Tournaments at The Australian Pinball Museum

Anyone can organise to use the venue for tournaments. There are some rules and regulations you need to consider first.

The Australian Pinball Museum has a wide range of pinballs from many eras available for competitions. Players need to remember that these are museum pieces and thus need to be treated with due respect - aggressive treatment of the pinballs will not be tolerated. Rules listed on this page are general rules which apply to all tournaments organised by the museum and all tournaments organised by others which are run at the museum.


    Running Your Own Tournament
Anyone can run a tournament at the Australian Pinball Museum. We are happy to help out with the management of the tournament. The Australian Pinball Museum staff can help with unofficial and official ranked IFPA tournaments. We recommend a maximum number of tournament participants to be 30 people, any more than this and it may start to feel a bit too crowded inside the building. Contact us for details on running your own tournament.


    General Museum Rules
All areas inside the building are strictly non-smoking. Smoking is restricted to designated areas outside the building. The museum is to be kept clean - trash should be put in bins outside the entrance. No food or drink allowed on or near the pinball machines. The museum is not a child care centre - do not leave kids unattended. Violation of any rules may lead to your removal from the Museum. Unless special arrangements have been made, the museum will still be open to the public during a tournament. Tournament participants must be respectful and courteous to any other visitors to the museum.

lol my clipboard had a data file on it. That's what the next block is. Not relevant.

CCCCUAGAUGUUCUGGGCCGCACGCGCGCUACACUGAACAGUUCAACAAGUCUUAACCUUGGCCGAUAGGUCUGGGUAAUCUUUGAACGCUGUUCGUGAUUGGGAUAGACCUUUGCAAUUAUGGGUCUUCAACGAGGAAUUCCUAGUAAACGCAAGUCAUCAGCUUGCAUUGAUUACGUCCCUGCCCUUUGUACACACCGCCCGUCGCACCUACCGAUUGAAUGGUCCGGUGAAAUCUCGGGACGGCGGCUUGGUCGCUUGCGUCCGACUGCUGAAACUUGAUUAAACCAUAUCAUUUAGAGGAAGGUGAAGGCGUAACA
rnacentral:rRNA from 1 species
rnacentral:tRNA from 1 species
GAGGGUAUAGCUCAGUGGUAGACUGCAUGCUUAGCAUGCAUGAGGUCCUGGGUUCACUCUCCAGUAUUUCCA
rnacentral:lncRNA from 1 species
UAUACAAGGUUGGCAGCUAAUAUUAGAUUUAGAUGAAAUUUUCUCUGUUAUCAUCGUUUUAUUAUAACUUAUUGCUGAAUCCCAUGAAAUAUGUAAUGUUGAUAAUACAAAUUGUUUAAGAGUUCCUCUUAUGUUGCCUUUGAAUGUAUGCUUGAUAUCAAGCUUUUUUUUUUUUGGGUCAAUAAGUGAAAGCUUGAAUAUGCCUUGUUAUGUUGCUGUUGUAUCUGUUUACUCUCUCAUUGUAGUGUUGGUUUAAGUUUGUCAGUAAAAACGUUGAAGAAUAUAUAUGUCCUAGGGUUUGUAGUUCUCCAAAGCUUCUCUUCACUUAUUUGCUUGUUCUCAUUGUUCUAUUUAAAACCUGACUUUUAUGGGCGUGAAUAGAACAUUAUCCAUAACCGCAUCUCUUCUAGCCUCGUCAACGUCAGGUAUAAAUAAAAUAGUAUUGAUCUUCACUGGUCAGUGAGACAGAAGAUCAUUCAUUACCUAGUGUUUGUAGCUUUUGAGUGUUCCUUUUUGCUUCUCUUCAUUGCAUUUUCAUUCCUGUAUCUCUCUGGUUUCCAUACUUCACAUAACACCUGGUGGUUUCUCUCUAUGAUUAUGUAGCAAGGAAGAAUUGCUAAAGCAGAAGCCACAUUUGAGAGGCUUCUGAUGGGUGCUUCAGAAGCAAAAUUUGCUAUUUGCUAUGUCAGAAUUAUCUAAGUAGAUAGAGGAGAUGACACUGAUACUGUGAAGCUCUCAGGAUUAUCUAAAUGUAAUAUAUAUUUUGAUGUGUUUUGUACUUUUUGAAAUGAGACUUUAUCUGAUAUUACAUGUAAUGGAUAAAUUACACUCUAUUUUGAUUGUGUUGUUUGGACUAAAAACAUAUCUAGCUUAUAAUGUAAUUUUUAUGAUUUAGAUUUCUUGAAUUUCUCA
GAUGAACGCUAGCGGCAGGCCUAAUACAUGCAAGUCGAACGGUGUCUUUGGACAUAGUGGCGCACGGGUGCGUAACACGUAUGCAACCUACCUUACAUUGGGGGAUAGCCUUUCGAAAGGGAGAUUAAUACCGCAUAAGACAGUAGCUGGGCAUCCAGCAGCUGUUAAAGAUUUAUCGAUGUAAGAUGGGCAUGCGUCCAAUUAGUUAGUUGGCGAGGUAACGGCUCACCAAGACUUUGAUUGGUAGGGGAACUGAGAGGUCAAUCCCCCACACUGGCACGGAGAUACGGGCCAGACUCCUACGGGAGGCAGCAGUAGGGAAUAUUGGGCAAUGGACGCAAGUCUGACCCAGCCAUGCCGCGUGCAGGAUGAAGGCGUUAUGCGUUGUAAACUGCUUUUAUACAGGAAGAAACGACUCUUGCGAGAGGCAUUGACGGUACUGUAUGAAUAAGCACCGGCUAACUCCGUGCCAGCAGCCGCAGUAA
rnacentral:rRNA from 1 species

Personal Conduct
All players are expected to act in a polite and sensible manner. Indecent language, excessive yelling, abuse, threats or acts of violence are not permitted. Any player who behaves rudely towards any tournament scorekeeper, tournament director, or museum staff may be warned, disqualified, or removed from the property.

    Machine Setup
The Australian Pinball Museum tries to keep all pinballs at factory default settings so that they all play as originally intended by the designers. For a tournament environment, the games are checked to make sure the gameplay is as balanced as possible for each player. Machines made available for tournament will be presented in the best working order as possible. It is recommended that machines are play tested by a tournament director before a tournament starts to highlight anything that may need attention before the tournament starts. If a machine with known problems is being used in the tournament, it is the responsibility of the tournament directors to notify all players of the known issues. The museum reserves the right to remove a pinball from the tournament line up at any time. Playing on machines will not be allowed to continue if damage to a machine becomes a possibility. Machines are set up as level as possible, do not attempt to adjust the feet on a pinball. Notify us if you are concerned about a machine being unreasonably slanted.

    Abuse of Machines